Ext4 filesystem development plan has been made public. A team of engineers from Red Hat, ClusterFS, IBM, and Bull want to extend the Ext3 filesystem. They have proposed a series of patches on the Linux kernel mailing list, to add support for very large filesystems, and after a long discussion they decided to roll these changes into a new version called Ext4.
"Given the recent discussion on LKML two weeks ago, it is clear that many people feel they have a stake in the future development plans of the ext2/ext3 filesystem, as it one of the most popular and commonly used filesystems, particular amongst the kernel development community. For
this reason, the stakes are higher than it would be for other filesystems."
To address these issues, the ext2/3 developers would like to propose the following path forward:
- They want to create a new filesystem codebase in the 2.6 kernel tree in /usr/src/linux/fs/ext4 that will initially register itself as the "ext3dev" filesystem.
- The bug fixes to fix 32-bit cleanliness issues, security/oops problems will go into fs/ext3, but all new development work will go into fs/ext4.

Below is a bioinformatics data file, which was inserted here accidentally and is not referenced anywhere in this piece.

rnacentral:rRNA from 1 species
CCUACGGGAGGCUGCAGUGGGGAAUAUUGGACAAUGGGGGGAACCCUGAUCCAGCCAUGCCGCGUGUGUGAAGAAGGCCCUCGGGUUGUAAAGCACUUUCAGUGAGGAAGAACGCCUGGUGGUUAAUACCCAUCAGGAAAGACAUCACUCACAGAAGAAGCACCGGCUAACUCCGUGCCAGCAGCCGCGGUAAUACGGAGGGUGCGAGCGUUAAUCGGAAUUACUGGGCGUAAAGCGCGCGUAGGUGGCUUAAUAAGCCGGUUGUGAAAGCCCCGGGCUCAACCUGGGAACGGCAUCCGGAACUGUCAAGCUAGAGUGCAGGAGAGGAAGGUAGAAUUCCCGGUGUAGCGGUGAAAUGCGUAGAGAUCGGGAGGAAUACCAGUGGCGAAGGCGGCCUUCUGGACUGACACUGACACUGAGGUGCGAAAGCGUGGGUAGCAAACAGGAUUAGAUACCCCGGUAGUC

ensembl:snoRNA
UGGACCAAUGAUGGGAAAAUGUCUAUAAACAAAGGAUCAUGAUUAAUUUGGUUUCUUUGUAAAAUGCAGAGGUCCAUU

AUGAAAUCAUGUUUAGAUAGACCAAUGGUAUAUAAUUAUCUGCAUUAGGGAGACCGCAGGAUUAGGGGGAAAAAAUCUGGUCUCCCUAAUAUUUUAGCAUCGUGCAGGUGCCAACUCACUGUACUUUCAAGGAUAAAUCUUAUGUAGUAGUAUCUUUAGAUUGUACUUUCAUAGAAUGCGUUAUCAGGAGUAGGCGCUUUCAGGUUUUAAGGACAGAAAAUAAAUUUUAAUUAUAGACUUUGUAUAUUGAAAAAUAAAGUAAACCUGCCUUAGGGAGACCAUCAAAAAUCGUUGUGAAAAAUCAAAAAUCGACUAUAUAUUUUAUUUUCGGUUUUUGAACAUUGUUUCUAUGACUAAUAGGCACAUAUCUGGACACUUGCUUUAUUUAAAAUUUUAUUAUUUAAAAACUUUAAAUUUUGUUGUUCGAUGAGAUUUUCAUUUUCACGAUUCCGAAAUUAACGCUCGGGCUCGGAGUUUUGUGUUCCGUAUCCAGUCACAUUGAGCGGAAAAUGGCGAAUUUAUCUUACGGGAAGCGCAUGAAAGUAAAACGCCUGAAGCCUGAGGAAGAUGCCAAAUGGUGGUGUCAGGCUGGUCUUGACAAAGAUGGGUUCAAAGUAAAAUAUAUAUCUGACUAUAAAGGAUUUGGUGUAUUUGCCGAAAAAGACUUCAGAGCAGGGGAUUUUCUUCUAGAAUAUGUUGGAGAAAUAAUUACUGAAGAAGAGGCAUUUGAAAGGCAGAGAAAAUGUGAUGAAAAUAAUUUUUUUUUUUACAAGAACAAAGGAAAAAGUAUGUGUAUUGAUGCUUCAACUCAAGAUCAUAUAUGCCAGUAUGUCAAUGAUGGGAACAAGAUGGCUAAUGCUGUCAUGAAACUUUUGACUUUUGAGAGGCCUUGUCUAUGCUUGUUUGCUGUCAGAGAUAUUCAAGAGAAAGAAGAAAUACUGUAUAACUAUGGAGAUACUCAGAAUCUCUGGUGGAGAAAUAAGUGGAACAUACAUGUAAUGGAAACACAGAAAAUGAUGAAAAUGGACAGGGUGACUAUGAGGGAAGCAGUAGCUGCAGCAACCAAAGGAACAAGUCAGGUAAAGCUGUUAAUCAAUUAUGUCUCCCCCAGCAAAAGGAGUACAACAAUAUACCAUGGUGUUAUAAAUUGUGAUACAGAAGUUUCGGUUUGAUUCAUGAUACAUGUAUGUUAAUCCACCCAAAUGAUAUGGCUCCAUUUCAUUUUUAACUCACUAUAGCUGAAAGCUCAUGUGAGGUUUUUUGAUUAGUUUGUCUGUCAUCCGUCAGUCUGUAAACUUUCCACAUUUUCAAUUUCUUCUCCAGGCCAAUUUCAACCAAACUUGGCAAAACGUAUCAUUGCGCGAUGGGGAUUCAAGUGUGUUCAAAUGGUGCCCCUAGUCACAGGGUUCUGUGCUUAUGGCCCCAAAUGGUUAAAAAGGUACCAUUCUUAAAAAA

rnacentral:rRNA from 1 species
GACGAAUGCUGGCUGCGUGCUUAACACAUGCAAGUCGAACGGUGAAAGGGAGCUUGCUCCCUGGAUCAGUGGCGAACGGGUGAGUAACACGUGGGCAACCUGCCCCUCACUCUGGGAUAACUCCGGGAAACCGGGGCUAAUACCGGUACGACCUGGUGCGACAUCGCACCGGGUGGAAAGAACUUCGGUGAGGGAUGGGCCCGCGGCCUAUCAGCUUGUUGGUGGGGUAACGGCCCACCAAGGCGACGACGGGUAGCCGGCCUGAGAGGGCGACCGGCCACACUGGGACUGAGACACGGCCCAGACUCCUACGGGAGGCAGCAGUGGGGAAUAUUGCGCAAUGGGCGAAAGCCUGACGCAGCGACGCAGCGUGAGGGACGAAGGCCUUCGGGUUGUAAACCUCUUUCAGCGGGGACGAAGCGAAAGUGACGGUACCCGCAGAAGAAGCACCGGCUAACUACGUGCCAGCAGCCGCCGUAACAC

- The ext4 code base will continue to mount older ext3 filesystems, as this is necessary to ensure a future smooth upgrade path from ext3 to ext4 users.
- At some point, probably in 6-9 months, when they are satisfied with the set of features that have been added to fs/ext4, and confident that the filesystem format has stabilized, they will submit a patch which causes the fs/ext4 code to register itself as the ext4 filesystem.
"The implementation may still require some shakedown before we are all confident that it is as stable as ext3 is today. At that point, perhaps 12-18 months out, we may request that the code in fs/ext3/*.c be deleted and that fs/ext4 register itself as supporting the ext3 filesystem as well."